The following is a letter I have sent to President Barroso of the European Commission.
I feel that many comments are being made  about the loans being extended to Ireland by the EU and the IMF, which suggest that Ireland alone has a responsibility for what has happened, and that Ireland alone,  is being bailed out by the generosity of others.
This is not the full story, and I try to put the other side of the story forward, in my letter below to President Barroso.
Dear Jose Manuel,

I read your response to questions in the European Parliament about the Irish fiscal situation, in which you seemed to be suggesting that this situation arose solely because of irresponsibility in Ireland.

I agree the main responsibility does rest with Irish institutions, the Irish Government, the Irish Central Bank , the Irish banks, and the Irish individuals who borrowed irresponsibly.
But you should know that this is not the whole story. British, German, Belgian, American, French banks, and banks of other EU countries, lent irresponsibly to the Irish banks in the hope that they too could profit from the Irish construction bubble.
They too had available to them all the information about  spiralling house prices in Ireland, but they still lent the money.  These banks, who lent to the Irish banks, were supervised by their  home Central banks, who seemingly raised no objection to this lending, which was so  ill advised.  Their  home Central Banks also had available to them  the same information, that everybody else had, about the imbalances in  the Irish  housing market and the disproportionate increase in house prices   relative to incomes in Ireland.

So these non Irish Central  Banks must take some share of responsibility for the mistakes that were made. Yet the non Irish banks, who so foolishly lent to the Irish banks,  are now being spared any share in the losses, because  the Irish taxpayer is bailing them out.
I feel you should acknowledge that. You did not do so in your statement in the European Parliament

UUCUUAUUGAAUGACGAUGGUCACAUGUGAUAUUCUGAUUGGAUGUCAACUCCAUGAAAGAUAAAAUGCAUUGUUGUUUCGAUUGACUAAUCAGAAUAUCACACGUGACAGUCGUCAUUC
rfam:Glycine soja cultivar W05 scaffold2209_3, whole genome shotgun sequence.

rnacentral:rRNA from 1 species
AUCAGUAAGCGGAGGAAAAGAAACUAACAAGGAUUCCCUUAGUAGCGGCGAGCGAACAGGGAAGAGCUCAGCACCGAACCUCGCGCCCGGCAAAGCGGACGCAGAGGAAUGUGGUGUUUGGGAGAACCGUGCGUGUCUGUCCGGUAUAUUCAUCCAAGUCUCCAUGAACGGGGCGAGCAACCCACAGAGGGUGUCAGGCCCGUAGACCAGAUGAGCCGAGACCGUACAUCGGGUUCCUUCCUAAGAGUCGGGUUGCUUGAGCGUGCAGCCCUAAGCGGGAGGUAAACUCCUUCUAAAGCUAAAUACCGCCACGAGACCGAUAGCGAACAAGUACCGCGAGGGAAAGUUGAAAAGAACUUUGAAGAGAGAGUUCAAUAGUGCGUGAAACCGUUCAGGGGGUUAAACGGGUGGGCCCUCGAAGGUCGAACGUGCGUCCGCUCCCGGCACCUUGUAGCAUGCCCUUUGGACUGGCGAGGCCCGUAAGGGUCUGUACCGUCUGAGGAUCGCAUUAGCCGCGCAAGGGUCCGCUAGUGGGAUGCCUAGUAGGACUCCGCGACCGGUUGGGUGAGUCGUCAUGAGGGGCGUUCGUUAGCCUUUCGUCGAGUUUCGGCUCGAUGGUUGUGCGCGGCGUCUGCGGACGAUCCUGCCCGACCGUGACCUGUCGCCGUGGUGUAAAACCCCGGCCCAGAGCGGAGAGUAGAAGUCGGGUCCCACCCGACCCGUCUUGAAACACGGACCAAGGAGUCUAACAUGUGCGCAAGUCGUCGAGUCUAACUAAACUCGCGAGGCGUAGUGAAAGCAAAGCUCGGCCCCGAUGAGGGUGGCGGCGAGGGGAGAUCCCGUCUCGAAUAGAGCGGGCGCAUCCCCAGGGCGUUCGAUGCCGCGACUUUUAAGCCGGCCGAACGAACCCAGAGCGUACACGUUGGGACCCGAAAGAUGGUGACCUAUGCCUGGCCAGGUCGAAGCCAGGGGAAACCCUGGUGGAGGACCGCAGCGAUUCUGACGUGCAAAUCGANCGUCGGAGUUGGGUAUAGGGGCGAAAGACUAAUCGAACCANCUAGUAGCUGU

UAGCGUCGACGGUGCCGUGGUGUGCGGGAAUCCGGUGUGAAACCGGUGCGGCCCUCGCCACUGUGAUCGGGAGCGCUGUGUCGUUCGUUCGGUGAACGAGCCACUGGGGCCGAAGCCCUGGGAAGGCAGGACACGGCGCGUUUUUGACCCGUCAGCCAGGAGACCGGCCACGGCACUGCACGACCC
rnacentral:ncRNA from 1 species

I also believe the European  Commission was involved, under the Treaties, in some responsibility for supervising the Irish economy,  and that  it too had full information on the obvious imbalances I refer to above. You ought to have acknowledged that responsibility of your own institution, which the Commission shares with ECOFIN.

What did the Commission do at the time about the Irish housing bubble?

What did the ECB do?

Nothing very effective, it seems.

Some reflection on that would be appropriate to accompany your fully justified criticism of Irish failings.

The fact  also is that interest rates in Ireland were too low in the first years of the euro. They were kept low by the ECB, because of the needs of other EU countries, which were not booming in the 2002 to 2007 period as Ireland was. That is also, in part, a European responsibility, although, of course,  the Irish authorities should have found other measures to compensate for the fact that the ECB was pursuing interest rate policies that were  unsuitable to Ireland.

You were right in the European Parliament to remind the Irish people of their recent policy failings, but you should tell the whole story, not just one side of it
Ireland’s bank guarantee in 2008 may have prevented a  Europe wide banking collapse in 2008. You did not refer to that possibility at all.  Do not forget Credit Anstalt in 1931, or Lehman Brother in 2008.

I hope you will find an opportunity to redress the balance in a future statement.

Yours sincerely
John Bruton  (former Taoiseach and former  EU Ambassador)